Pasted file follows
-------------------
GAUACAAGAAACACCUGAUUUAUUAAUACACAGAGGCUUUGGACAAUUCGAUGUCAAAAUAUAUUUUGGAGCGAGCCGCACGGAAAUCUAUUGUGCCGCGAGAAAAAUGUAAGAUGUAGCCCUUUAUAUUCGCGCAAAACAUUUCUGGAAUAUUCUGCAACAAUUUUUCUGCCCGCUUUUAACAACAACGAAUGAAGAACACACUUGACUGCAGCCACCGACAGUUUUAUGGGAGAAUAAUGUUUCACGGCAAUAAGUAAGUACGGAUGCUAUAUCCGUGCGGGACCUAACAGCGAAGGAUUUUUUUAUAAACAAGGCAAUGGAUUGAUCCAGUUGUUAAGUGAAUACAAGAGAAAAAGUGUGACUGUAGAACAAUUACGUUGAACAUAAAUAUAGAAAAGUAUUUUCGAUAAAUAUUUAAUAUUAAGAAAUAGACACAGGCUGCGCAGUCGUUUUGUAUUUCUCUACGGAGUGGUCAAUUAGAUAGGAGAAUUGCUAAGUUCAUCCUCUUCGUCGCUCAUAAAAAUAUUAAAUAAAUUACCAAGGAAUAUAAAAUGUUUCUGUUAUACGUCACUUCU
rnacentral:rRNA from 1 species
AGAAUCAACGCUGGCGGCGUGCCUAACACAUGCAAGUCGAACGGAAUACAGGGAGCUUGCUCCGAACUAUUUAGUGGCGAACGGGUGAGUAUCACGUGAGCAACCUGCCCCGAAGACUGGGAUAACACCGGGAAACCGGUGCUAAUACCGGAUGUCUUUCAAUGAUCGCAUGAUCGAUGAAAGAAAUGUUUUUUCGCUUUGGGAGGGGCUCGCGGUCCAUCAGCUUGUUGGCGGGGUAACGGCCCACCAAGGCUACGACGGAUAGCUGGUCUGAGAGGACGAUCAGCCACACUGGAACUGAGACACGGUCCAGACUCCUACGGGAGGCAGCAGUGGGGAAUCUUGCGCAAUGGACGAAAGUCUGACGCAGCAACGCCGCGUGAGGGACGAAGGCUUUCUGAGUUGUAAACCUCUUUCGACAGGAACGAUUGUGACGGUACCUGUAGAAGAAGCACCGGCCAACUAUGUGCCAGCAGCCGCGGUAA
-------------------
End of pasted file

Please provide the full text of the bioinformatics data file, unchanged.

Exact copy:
GAUACAAGAAACACCUGAUUUAUUAAUACACAGAGGCUUUGGACAAUUCGAUGUCAAAAUAUAUUUUGGAGCGAGCCGCACGGAAAUCUAUUGUGCCGCGAGAAAAAUGUAAGAUGUAGCCCUUUAUAUUCGCGCAAAACAUUUCUGGAAUAUUCUGCAACAAUUUUUCUGCCCGCUUUUAACAACAACGAAUGAAGAACACACUUGACUGCAGCCACCGACAGUUUUAUGGGAGAAUAAUGUUUCACGGCAAUAAGUAAGUACGGAUGCUAUAUCCGUGCGGGACCUAACAGCGAAGGAUUUUUUUAUAAACAAGGCAAUGGAUUGAUCCAGUUGUUAAGUGAAUACAAGAGAAAAAGUGUGACUGUAGAACAAUUACGUUGAACAUAAAUAUAGAAAAGUAUUUUCGAUAAAUAUUUAAUAUUAAGAAAUAGACACAGGCUGCGCAGUCGUUUUGUAUUUCUCUACGGAGUGGUCAAUUAGAUAGGAGAAUUGCUAAGUUCAUCCUCUUCGUCGCUCAUAAAAAUAUUAAAUAAAUUACCAAGGAAUAUAAAAUGUUUCUGUUAUACGUCACUUCU
rnacentral:rRNA from 1 species
AGAAUCAACGCUGGCGGCGUGCCUAACACAUGCAAGUCGAACGGAAUACAGGGAGCUUGCUCCGAACUAUUUAGUGGCGAACGGGUGAGUAUCACGUGAGCAACCUGCCCCGAAGACUGGGAUAACACCGGGAAACCGGUGCUAAUACCGGAUGUCUUUCAAUGAUCGCAUGAUCGAUGAAAGAAAUGUUUUUUCGCUUUGGGAGGGGCUCGCGGUCCAUCAGCUUGUUGGCGGGGUAACGGCCCACCAAGGCUACGACGGAUAGCUGGUCUGAGAGGACGAUCAGCCACACUGGAACUGAGACACGGUCCAGACUCCUACGGGAGGCAGCAGUGGGGAAUCUUGCGCAAUGGACGAAAGUCUGACGCAGCAACGCCGCGUGAGGGACGAAGGCUUUCUGAGUUGUAAACCUCUUUCGACAGGAACGAUUGUGACGGUACCUGUAGAAGAAGCACCGGCCAACUAUGUGCCAGCAGCCGCGGUAA